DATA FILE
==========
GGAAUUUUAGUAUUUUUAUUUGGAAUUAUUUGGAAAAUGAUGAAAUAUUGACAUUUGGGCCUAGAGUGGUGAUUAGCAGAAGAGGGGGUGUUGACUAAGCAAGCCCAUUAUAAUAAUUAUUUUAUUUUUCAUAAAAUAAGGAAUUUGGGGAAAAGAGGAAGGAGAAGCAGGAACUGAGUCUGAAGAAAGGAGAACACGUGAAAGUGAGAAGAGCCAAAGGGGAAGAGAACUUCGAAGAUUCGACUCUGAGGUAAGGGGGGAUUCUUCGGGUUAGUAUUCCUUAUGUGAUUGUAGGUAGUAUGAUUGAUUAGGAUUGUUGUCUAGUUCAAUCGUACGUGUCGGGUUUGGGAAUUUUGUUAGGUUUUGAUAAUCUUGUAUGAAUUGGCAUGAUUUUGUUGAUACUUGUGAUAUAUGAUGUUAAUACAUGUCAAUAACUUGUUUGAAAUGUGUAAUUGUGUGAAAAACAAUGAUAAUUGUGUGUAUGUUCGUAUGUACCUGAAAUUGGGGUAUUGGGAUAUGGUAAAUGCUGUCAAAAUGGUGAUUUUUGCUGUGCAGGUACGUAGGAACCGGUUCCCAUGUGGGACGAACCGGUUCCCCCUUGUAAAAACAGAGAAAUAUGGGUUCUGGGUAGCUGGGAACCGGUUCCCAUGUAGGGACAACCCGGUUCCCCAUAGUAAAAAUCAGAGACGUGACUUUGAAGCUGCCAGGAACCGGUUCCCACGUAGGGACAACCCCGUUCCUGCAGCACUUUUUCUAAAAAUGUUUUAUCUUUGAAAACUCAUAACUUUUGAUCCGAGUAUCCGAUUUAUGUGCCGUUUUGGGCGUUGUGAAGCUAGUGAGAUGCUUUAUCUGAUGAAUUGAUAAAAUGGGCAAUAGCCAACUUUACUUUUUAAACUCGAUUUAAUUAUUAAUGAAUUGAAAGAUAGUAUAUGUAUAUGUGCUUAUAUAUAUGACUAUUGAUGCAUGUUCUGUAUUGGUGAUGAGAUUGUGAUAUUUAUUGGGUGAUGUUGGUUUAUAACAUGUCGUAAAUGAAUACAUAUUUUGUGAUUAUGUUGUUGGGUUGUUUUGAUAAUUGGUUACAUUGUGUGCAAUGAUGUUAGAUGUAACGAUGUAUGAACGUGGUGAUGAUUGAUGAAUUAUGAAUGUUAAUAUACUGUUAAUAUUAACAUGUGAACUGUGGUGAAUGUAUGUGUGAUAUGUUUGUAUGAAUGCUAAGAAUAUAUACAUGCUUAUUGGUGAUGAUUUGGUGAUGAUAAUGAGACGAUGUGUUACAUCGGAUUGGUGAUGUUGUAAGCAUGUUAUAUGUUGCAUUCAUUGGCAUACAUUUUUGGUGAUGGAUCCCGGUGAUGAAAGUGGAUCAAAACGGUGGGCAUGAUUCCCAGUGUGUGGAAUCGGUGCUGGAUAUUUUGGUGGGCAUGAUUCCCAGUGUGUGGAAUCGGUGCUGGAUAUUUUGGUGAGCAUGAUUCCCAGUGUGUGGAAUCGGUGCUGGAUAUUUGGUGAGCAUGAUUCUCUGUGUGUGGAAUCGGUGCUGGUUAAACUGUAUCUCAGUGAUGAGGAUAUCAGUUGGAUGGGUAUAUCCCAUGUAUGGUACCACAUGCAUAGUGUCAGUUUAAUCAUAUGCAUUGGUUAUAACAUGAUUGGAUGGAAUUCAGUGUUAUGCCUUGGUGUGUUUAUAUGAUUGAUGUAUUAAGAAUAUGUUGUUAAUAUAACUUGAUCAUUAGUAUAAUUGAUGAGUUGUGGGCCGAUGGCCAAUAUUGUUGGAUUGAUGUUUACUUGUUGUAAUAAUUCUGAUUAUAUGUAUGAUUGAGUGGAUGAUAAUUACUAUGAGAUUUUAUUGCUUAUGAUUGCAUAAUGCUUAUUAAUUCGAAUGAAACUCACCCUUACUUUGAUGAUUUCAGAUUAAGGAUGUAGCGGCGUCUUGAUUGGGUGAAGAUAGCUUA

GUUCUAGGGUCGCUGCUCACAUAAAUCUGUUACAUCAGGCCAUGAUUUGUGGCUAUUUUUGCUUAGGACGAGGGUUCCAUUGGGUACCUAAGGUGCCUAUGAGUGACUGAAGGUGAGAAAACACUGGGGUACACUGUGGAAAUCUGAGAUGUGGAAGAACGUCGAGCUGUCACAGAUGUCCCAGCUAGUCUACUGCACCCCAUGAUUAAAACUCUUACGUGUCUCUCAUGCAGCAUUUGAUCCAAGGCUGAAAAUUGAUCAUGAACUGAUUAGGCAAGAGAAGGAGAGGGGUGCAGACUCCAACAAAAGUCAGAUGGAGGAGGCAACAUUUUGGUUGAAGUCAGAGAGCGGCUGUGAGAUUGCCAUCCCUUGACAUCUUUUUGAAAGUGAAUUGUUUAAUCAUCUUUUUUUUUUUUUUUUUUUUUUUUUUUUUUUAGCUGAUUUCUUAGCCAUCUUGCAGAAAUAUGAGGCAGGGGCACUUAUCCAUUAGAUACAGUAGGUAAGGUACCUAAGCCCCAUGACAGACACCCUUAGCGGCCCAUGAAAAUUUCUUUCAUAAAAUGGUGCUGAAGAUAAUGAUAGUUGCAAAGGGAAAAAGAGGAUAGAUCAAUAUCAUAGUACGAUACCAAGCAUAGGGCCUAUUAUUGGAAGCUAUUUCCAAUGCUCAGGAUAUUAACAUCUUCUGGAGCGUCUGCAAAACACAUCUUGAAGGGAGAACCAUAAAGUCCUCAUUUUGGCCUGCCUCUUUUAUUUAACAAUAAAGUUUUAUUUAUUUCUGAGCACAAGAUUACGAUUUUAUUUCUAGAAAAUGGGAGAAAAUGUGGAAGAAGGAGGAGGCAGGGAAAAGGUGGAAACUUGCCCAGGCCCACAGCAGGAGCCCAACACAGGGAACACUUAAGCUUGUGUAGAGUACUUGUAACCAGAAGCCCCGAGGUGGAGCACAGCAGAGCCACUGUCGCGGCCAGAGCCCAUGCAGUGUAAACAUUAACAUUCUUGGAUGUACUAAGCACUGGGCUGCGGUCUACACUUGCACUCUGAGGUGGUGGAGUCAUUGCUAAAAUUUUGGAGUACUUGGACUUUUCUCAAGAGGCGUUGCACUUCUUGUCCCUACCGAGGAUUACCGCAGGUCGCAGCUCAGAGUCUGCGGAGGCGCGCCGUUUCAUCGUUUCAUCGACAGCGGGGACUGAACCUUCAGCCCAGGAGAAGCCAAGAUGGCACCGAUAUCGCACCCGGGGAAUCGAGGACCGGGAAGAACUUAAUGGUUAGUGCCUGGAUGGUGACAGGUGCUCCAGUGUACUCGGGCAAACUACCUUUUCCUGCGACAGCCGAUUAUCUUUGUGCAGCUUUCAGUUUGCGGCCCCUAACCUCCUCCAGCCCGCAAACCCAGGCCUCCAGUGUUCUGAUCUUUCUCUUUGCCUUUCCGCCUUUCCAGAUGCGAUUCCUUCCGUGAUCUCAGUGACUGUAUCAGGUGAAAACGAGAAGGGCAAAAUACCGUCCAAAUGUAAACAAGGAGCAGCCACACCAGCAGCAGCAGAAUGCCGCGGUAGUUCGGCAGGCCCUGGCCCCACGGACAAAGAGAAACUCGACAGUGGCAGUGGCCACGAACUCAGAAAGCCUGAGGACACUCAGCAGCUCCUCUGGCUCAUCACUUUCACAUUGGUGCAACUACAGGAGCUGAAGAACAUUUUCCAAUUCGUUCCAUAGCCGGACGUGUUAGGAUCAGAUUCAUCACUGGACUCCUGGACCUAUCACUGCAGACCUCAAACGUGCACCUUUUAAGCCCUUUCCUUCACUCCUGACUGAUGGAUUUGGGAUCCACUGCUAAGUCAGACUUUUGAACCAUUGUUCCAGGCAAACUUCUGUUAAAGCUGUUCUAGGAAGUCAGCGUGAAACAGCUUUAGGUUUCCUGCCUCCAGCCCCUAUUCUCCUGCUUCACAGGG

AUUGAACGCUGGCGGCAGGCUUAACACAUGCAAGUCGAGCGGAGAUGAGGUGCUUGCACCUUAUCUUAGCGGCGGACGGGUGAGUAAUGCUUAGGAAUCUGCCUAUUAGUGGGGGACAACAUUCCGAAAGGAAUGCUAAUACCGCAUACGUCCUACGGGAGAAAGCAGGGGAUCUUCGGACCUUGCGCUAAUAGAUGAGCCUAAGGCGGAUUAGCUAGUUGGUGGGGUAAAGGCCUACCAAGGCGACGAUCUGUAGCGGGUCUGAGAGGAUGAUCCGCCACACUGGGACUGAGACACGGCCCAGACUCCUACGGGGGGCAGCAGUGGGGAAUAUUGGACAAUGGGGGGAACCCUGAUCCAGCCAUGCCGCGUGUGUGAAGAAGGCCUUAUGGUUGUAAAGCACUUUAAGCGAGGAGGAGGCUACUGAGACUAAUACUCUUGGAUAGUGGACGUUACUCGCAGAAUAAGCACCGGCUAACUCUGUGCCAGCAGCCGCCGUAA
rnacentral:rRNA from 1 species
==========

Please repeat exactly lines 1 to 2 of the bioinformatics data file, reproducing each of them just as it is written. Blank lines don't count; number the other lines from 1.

GGAAUUUUAGUAUUUUUAUUUGGAAUUAUUUGGAAAAUGAUGAAAUAUUGACAUUUGGGCCUAGAGUGGUGAUUAGCAGAAGAGGGGGUGUUGACUAAGCAAGCCCAUUAUAAUAAUUAUUUUAUUUUUCAUAAAAUAAGGAAUUUGGGGAAAAGAGGAAGGAGAAGCAGGAACUGAGUCUGAAGAAAGGAGAACACGUGAAAGUGAGAAGAGCCAAAGGGGAAGAGAACUUCGAAGAUUCGACUCUGAGGUAAGGGGGGAUUCUUCGGGUUAGUAUUCCUUAUGUGAUUGUAGGUAGUAUGAUUGAUUAGGAUUGUUGUCUAGUUCAAUCGUACGUGUCGGGUUUGGGAAUUUUGUUAGGUUUUGAUAAUCUUGUAUGAAUUGGCAUGAUUUUGUUGAUACUUGUGAUAUAUGAUGUUAAUACAUGUCAAUAACUUGUUUGAAAUGUGUAAUUGUGUGAAAAACAAUGAUAAUUGUGUGUAUGUUCGUAUGUACCUGAAAUUGGGGUAUUGGGAUAUGGUAAAUGCUGUCAAAAUGGUGAUUUUUGCUGUGCAGGUACGUAGGAACCGGUUCCCAUGUGGGACGAACCGGUUCCCCCUUGUAAAAACAGAGAAAUAUGGGUUCUGGGUAGCUGGGAACCGGUUCCCAUGUAGGGACAACCCGGUUCCCCAUAGUAAAAAUCAGAGACGUGACUUUGAAGCUGCCAGGAACCGGUUCCCACGUAGGGACAACCCCGUUCCUGCAGCACUUUUUCUAAAAAUGUUUUAUCUUUGAAAACUCAUAACUUUUGAUCCGAGUAUCCGAUUUAUGUGCCGUUUUGGGCGUUGUGAAGCUAGUGAGAUGCUUUAUCUGAUGAAUUGAUAAAAUGGGCAAUAGCCAACUUUACUUUUUAAACUCGAUUUAAUUAUUAAUGAAUUGAAAGAUAGUAUAUGUAUAUGUGCUUAUAUAUAUGACUAUUGAUGCAUGUUCUGUAUUGGUGAUGAGAUUGUGAUAUUUAUUGGGUGAUGUUGGUUUAUAACAUGUCGUAAAUGAAUACAUAUUUUGUGAUUAUGUUGUUGGGUUGUUUUGAUAAUUGGUUACAUUGUGUGCAAUGAUGUUAGAUGUAACGAUGUAUGAACGUGGUGAUGAUUGAUGAAUUAUGAAUGUUAAUAUACUGUUAAUAUUAACAUGUGAACUGUGGUGAAUGUAUGUGUGAUAUGUUUGUAUGAAUGCUAAGAAUAUAUACAUGCUUAUUGGUGAUGAUUUGGUGAUGAUAAUGAGACGAUGUGUUACAUCGGAUUGGUGAUGUUGUAAGCAUGUUAUAUGUUGCAUUCAUUGGCAUACAUUUUUGGUGAUGGAUCCCGGUGAUGAAAGUGGAUCAAAACGGUGGGCAUGAUUCCCAGUGUGUGGAAUCGGUGCUGGAUAUUUUGGUGGGCAUGAUUCCCAGUGUGUGGAAUCGGUGCUGGAUAUUUUGGUGAGCAUGAUUCCCAGUGUGUGGAAUCGGUGCUGGAUAUUUGGUGAGCAUGAUUCUCUGUGUGUGGAAUCGGUGCUGGUUAAACUGUAUCUCAGUGAUGAGGAUAUCAGUUGGAUGGGUAUAUCCCAUGUAUGGUACCACAUGCAUAGUGUCAGUUUAAUCAUAUGCAUUGGUUAUAACAUGAUUGGAUGGAAUUCAGUGUUAUGCCUUGGUGUGUUUAUAUGAUUGAUGUAUUAAGAAUAUGUUGUUAAUAUAACUUGAUCAUUAGUAUAAUUGAUGAGUUGUGGGCCGAUGGCCAAUAUUGUUGGAUUGAUGUUUACUUGUUGUAAUAAUUCUGAUUAUAUGUAUGAUUGAGUGGAUGAUAAUUACUAUGAGAUUUUAUUGCUUAUGAUUGCAUAAUGCUUAUUAAUUCGAAUGAAACUCACCCUUACUUUGAUGAUUUCAGAUUAAGGAUGUAGCGGCGUCUUGAUUGGGUGAAGAUAGCUUA

GUUCUAGGGUCGCUGCUCACAUAAAUCUGUUACAUCAGGCCAUGAUUUGUGGCUAUUUUUGCUUAGGACGAGGGUUCCAUUGGGUACCUAAGGUGCCUAUGAGUGACUGAAGGUGAGAAAACACUGGGGUACACUGUGGAAAUCUGAGAUGUGGAAGAACGUCGAGCUGUCACAGAUGUCCCAGCUAGUCUACUGCACCCCAUGAUUAAAACUCUUACGUGUCUCUCAUGCAGCAUUUGAUCCAAGGCUGAAAAUUGAUCAUGAACUGAUUAGGCAAGAGAAGGAGAGGGGUGCAGACUCCAACAAAAGUCAGAUGGAGGAGGCAACAUUUUGGUUGAAGUCAGAGAGCGGCUGUGAGAUUGCCAUCCCUUGACAUCUUUUUGAAAGUGAAUUGUUUAAUCAUCUUUUUUUUUUUUUUUUUUUUUUUUUUUUUUUAGCUGAUUUCUUAGCCAUCUUGCAGAAAUAUGAGGCAGGGGCACUUAUCCAUUAGAUACAGUAGGUAAGGUACCUAAGCCCCAUGACAGACACCCUUAGCGGCCCAUGAAAAUUUCUUUCAUAAAAUGGUGCUGAAGAUAAUGAUAGUUGCAAAGGGAAAAAGAGGAUAGAUCAAUAUCAUAGUACGAUACCAAGCAUAGGGCCUAUUAUUGGAAGCUAUUUCCAAUGCUCAGGAUAUUAACAUCUUCUGGAGCGUCUGCAAAACACAUCUUGAAGGGAGAACCAUAAAGUCCUCAUUUUGGCCUGCCUCUUUUAUUUAACAAUAAAGUUUUAUUUAUUUCUGAGCACAAGAUUACGAUUUUAUUUCUAGAAAAUGGGAGAAAAUGUGGAAGAAGGAGGAGGCAGGGAAAAGGUGGAAACUUGCCCAGGCCCACAGCAGGAGCCCAACACAGGGAACACUUAAGCUUGUGUAGAGUACUUGUAACCAGAAGCCCCGAGGUGGAGCACAGCAGAGCCACUGUCGCGGCCAGAGCCCAUGCAGUGUAAACAUUAACAUUCUUGGAUGUACUAAGCACUGGGCUGCGGUCUACACUUGCACUCUGAGGUGGUGGAGUCAUUGCUAAAAUUUUGGAGUACUUGGACUUUUCUCAAGAGGCGUUGCACUUCUUGUCCCUACCGAGGAUUACCGCAGGUCGCAGCUCAGAGUCUGCGGAGGCGCGCCGUUUCAUCGUUUCAUCGACAGCGGGGACUGAACCUUCAGCCCAGGAGAAGCCAAGAUGGCACCGAUAUCGCACCCGGGGAAUCGAGGACCGGGAAGAACUUAAUGGUUAGUGCCUGGAUGGUGACAGGUGCUCCAGUGUACUCGGGCAAACUACCUUUUCCUGCGACAGCCGAUUAUCUUUGUGCAGCUUUCAGUUUGCGGCCCCUAACCUCCUCCAGCCCGCAAACCCAGGCCUCCAGUGUUCUGAUCUUUCUCUUUGCCUUUCCGCCUUUCCAGAUGCGAUUCCUUCCGUGAUCUCAGUGACUGUAUCAGGUGAAAACGAGAAGGGCAAAAUACCGUCCAAAUGUAAACAAGGAGCAGCCACACCAGCAGCAGCAGAAUGCCGCGGUAGUUCGGCAGGCCCUGGCCCCACGGACAAAGAGAAACUCGACAGUGGCAGUGGCCACGAACUCAGAAAGCCUGAGGACACUCAGCAGCUCCUCUGGCUCAUCACUUUCACAUUGGUGCAACUACAGGAGCUGAAGAACAUUUUCCAAUUCGUUCCAUAGCCGGACGUGUUAGGAUCAGAUUCAUCACUGGACUCCUGGACCUAUCACUGCAGACCUCAAACGUGCACCUUUUAAGCCCUUUCCUUCACUCCUGACUGAUGGAUUUGGGAUCCACUGCUAAGUCAGACUUUUGAACCAUUGUUCCAGGCAAACUUCUGUUAAAGCUGUUCUAGGAAGUCAGCGUGAAACAGCUUUAGGUUUCCUGCCUCCAGCCCCUAUUCUCCUGCUUCACAGGG